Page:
Kirby Puckett

Kirby Puckett

Wednesday, July 29, 2015

Trade Deadline Recap

Blue Jays-Rockies
Blue Jays get:
Troy Tulowitzki, LaTroy Hawkins
Rockies get:
Jose Reyes,Miguel Castro, Jeff Hoffman, Jesus Tinoco
This is a tough deal to judge right now because there's a decent chance the Rockies turn around and flip Reyes in a different trade. Unloading a star like Tulo is always difficult, but the Rockies did pretty well here. The main piece of this trade is Hoffman, a stud pitching prospects who possesses a fastball in the high 90s. Castro struggled in his brief time with the big league club earlier this year, posting a 4.38 ERA, but he's only 20 years old and was the number five ranked prospect in the Jays organization. Like I said before, Reyes is likely on his way out, so they'll get more assets for him.
As well as Colorado did in this trade, the Blue Jays just got the best shortstop in baseball. Enough said. On the other hand, they still have serious problems to address, particularly in the pitching staff. Sorry, getting the real life Benjamin Button LaTroy Hawkins doesn't count. Toronto has a collective ERA of 4.07, good for eighth worst in the league. It's weird that they didn't try to use the same package for someone like Cole Hamels or Johnny Cueto. On the other hand the Tulo-Donaldson-Bautista-Encarnacion middle of the lineup is going to be crazy good. If they can outslug other teams it won't matter.
Winner: Blue Jays
Royals get:
Johnny Cueto
Reds get:
Brandon Finnegan, John Lamb, Cody Reed
This deal's a no-brainer for the Royals, needing a pitcher with Yordano Ventura failing to build on his encouraging 2014 season and Jason Vargas injured. Cueto will post even better numbers than his 2.68 ERA in Kansas City, teaming up with Lorenzo Cain and the rest of their defensive juggernaut. The Reds continue to rebuild. Finnegan's a former first-rounder who has a 2.96 ERA this year, and got some big-game experience in the playoffs last year, despite being inconsistent. He'll start in Triple-A Louisville for now. Lamb is a former top prospect who's path to the majors was derailed by Tommy John surgery in 2011. However although he's lost velocity, he's managed to be consistently solid since then.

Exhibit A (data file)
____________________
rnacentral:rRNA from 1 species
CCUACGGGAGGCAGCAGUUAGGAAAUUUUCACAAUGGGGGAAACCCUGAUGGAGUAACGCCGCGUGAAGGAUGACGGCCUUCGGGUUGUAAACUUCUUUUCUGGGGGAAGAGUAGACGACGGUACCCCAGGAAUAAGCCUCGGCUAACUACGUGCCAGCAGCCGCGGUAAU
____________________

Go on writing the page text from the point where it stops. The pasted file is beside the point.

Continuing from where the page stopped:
A's get:
Sean Manaea, Aaron Brooks
Royals get:
Ben Zobrist
First of all, I'd like to congratulate Billy Beane for trading top shortstop prospect Daniel Robertson for two pitchers who are average and slightly above average respectively. This is a solid trade for Kansas City, Zobrist will start out in left field for Alex Gordon then when he comes back they'll be able to use him all around the diamond, possibly at second base for Omar Infante. There's nothing noteworthy about the A's side of the deal. Manaea and Brooks are both solid pitching prospects, but that's about it.
A's get:
Jacob Nottingham, Daniel Mengden
Astros get:
Scott Kazmir
I love this move for the Astros. They desperately needed another starter to go with Dallas Keuchel and Lance McCullers, and while Kazmir isn't a sexy choice like Cole Hamels, he gets the job done. His ERA is 2.38 this year, best in his career. It's a pretty good deal for Oakland as well. Mengden is an excellent catching prospect, he's the main part of the deal, while Nottingham projects to be at least a decent reliever.
Analysis on the rest of the deals coming soon

Friday, July 17, 2015

Midseason Outlooks

Red Sox
     The Sox seem to be switching off between great and absolute train wrecks. Unfortunately they've been stuck in the train wreck for about a year and a half now. After Ben Cherington tried to create the greatest fantasy baseball team ever in free agency, things have gone south. Hanley's looked lost in the outfield, and the stats back that one up. He's cost the Red Sox 16 runs this year in the field. The pitching isn't helping either. After whiffing on Jon Lester in the offseason, the Red Sox took gambles on Rick Porcello, Justin Masterson and Wade Miley, all of whom are sporting ERAs over 4.70. You can't even blame that on Fenway park either. Miley has the lowest FIP, which adjust for park and fielding, among them at 3.95. And I'm not even going to mention Rusney Castillo, the Cuban signee who's hitting .230/.260/.284 with one homer in the first year of his seven year, 72 million dollar contract.